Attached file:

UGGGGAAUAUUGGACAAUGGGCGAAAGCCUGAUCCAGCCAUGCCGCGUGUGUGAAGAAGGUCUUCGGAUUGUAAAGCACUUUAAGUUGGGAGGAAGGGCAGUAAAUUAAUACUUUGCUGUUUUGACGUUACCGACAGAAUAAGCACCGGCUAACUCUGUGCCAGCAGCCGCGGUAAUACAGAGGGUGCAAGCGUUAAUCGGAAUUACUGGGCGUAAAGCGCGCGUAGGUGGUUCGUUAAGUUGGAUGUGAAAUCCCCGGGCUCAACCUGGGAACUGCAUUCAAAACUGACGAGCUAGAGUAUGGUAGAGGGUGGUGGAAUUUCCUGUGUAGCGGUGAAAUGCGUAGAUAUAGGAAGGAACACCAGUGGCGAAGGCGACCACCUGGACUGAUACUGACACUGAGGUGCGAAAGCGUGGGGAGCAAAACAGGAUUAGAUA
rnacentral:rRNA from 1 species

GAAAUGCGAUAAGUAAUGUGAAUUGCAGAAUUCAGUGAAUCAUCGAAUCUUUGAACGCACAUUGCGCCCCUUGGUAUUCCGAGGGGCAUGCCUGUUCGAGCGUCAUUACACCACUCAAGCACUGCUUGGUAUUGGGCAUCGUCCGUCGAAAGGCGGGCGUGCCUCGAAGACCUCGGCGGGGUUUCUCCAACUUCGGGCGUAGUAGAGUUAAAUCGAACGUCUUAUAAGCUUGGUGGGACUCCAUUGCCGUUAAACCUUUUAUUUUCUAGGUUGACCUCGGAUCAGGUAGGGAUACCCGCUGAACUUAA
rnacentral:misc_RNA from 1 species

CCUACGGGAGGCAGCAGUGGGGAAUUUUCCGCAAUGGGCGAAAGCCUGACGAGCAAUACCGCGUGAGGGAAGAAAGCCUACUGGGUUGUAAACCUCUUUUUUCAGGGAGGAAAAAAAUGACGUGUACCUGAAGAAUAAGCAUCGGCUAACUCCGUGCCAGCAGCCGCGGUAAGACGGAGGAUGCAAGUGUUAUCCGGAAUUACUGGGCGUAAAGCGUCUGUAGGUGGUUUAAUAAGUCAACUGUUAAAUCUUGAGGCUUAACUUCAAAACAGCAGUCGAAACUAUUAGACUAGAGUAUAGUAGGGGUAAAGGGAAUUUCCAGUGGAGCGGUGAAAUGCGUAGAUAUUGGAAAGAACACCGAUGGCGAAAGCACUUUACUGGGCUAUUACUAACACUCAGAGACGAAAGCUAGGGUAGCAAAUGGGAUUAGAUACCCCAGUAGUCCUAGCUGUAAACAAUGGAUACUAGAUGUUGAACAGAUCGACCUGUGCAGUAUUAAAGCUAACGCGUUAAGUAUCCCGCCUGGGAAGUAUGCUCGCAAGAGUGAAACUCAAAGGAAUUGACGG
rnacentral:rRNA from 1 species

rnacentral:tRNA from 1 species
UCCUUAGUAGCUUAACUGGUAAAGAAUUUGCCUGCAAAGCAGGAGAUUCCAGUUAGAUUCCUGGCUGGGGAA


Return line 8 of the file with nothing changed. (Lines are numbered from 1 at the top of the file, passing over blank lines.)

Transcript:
UCCUUAGUAGCUUAACUGGUAAAGAAUUUGCCUGCAAAGCAGGAGAUUCCAGUUAGAUUCCUGGCUGGGGAA